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CBC Question 2: On What Canada Means

February 10, 2007


For the Start of the The Jim Interview

WHAT DOES MADE IN CANADA MEAN TO YOU? (HOW DID YOU APPROACH WRITING A POEM ABOUT THIS THEME?)

The people of Canada are the treads which weaves together the various landscapes of a land that stretches from sea to sea to sea.

We stand with our backs to the south, not so much in an individual defiance of external influence, but more in celebration of collective creativity. We are a people of changing seasons, the dramatic shifts of nature, light and dark days, hot weeks and cold months, reflects in our psyche. It is possible for us to contend different perspectives while embracing common ground. In Canada we often have the political blending of Red Tories and Free Market Communists as our politicians frantically try to embrace the seasonal nature of the Canadian voter. Of course, we quickly dismiss politicians at the polls, because THEY are the ones who are opportunistic, wishy-washy, and short sighted. The ideal Canadian parliament is populated by charming drunks and pious preachers. One way or the other, our Prime Minister is always a charismatic drunk preaching about the need for humility while the opposition leader stands with thrusting finger claiming their party is the one moving past blame for the good of the nation. And we wouldn’t want it any other way; our leaders are always fragmented projections of our own shifting self-contempt.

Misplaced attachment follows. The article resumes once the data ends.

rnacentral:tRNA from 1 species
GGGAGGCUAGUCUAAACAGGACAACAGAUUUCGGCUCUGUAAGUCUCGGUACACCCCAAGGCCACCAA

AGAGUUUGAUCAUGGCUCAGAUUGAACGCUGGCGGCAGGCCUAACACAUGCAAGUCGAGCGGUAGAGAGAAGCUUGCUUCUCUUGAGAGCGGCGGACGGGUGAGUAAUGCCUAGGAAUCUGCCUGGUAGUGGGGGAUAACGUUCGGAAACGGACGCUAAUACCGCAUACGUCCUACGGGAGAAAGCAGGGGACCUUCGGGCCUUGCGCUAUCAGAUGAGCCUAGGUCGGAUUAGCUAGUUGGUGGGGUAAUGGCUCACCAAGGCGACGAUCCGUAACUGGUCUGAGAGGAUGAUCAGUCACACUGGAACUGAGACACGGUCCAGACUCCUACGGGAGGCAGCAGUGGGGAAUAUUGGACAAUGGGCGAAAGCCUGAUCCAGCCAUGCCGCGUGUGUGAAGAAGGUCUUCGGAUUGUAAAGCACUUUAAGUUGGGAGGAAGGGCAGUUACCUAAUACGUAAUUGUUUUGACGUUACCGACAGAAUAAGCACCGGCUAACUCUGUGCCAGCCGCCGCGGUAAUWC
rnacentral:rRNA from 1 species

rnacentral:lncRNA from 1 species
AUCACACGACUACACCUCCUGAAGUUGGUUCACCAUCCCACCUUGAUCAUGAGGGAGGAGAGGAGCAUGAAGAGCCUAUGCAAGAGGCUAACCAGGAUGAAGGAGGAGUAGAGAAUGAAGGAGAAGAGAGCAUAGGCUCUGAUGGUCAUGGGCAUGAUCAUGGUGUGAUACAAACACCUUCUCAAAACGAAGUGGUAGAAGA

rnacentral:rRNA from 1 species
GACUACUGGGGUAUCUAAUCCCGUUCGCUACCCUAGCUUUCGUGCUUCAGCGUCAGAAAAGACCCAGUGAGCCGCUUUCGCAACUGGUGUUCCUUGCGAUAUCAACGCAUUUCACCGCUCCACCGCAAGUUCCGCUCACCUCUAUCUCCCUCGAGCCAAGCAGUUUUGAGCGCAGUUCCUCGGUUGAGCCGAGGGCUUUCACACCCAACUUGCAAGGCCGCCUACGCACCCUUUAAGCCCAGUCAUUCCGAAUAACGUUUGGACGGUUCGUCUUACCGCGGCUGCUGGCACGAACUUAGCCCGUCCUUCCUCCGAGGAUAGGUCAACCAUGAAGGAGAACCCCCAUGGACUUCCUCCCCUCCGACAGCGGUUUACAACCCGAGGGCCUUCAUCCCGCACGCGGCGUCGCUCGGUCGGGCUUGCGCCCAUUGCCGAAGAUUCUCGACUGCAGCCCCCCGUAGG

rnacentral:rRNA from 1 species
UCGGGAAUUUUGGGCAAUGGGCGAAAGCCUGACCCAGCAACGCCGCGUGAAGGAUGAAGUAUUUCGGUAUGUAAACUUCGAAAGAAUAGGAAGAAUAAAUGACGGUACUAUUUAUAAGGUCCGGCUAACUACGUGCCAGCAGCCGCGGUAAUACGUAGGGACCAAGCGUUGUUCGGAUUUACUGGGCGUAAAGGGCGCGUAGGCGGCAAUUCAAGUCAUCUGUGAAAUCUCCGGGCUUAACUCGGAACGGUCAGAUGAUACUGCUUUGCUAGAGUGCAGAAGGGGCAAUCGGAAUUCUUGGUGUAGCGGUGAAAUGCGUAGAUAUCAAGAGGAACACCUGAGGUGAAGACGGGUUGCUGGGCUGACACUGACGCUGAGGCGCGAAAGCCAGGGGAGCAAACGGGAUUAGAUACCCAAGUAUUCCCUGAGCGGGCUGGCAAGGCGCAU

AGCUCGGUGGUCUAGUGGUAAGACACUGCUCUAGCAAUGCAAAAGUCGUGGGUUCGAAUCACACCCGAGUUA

Canadians roll with the clouds of the seasons, but it is an everlasting connection to the landscape that roots us.

Made in Canada solutions cannot come from above, they come from the Land, they come from the People.